Polyps are growths in the lining of the colon or rectum that may be precancerous. If a polyp is detected, it can be removed during a colonoscopy and sent to a laboratory for further testing. In some cases, the polyp may contain cancer cells. This article provides an overview of what happens when a polyp contains cancer.
Detecting Cancer in Polyps
When a polyp is removed, it will be sent to a laboratory for further testing. The laboratory will examine the polyp under a microscope to determine if it contains cancer cells. If cancer cells are found, the laboratory will determine the type of cancer and the stage of the cancer. Depending on the results, the doctor may recommend additional testing or treatment.
What Happens Next?
If the polyp contains cancer cells, the doctor will discuss treatment options with the patient. Depending on the type and stage of the cancer, the doctor may recommend surgery, radiation therapy, chemotherapy, or a combination of treatments.
The doctor may also recommend that the patient have additional tests to determine if the cancer has spread to other parts of the body. These tests may include imaging tests, such as CT scans and MRI scans, or blood tests.
The patient may also need to see a specialist for additional tests or treatment. For example, if the cancer has spread to the liver, the doctor may refer the patient to a liver specialist.
If a polyp contains cancer cells, it is important to talk to a doctor about treatment options. With early diagnosis and treatment, most types of cancer can be treated successfully. It is important to follow the doctor’s instructions to ensure the best possible outcome.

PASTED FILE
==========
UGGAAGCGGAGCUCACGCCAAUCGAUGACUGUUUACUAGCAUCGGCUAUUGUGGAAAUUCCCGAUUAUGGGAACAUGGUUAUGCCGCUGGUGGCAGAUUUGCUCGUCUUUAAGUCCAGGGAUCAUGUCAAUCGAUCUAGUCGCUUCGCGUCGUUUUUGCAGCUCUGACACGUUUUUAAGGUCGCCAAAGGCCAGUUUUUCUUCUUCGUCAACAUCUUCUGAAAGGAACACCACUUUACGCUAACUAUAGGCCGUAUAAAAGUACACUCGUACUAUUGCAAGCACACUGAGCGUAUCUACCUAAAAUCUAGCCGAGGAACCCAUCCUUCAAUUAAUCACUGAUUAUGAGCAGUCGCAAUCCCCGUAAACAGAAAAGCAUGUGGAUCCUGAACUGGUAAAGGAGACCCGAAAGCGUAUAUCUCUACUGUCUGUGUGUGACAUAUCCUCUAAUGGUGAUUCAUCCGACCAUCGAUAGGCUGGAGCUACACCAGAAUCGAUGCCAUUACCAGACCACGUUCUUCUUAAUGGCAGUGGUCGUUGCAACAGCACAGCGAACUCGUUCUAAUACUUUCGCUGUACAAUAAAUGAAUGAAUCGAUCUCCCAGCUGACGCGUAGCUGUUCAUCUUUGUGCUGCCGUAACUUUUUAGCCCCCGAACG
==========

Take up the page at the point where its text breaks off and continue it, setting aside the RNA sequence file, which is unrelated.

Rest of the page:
If a routine colonoscopy discovers a growth, or polyp, in the large intestine and that polyp is determined to be cancerous, it is likely the patient has colorectal cancer. Colorectal cancer is one of the most common types of cancer and is considered to be the third most deadly form of cancer in the United States.
When a polyp is suspected of containing cancer, the first step is usually to remove the polyp and have it biopsied. If the biopsy reveals that the polyp contains cancerous cells, the next step is typically to determine the stage and grade of the cancer. The medical team will examine the specimen size, depth of invasion, and presence of lymph node or distant metastasis to determine the stage of the cancer.
The grade of the cancer is determined by examining the cancer cells under a microscope, comparing them to normal cells. Cells that appear nearly normal are labeled a grade I, and are typically less aggressive and less likely to spread. Grades II and III both reflect the degree of abnormality in the cells, with Grade III being the most abnormal—and most likely to spread—of the three.
Once the stage and grade of the cancer have been determined, the treatment plan can be tailored accordingly. Surgical removal of the tumor is often recommended, especially if it is found in its early stages. Most colorectal cancers are also treated with chemotherapy to kill any remaining cancer cells and to prevent the spread of the disease. Because the extent of the disease determines the choice of treatment and prognosis, removal of a suspected polyp is an important step in diagnosing and treating colorectal cancer.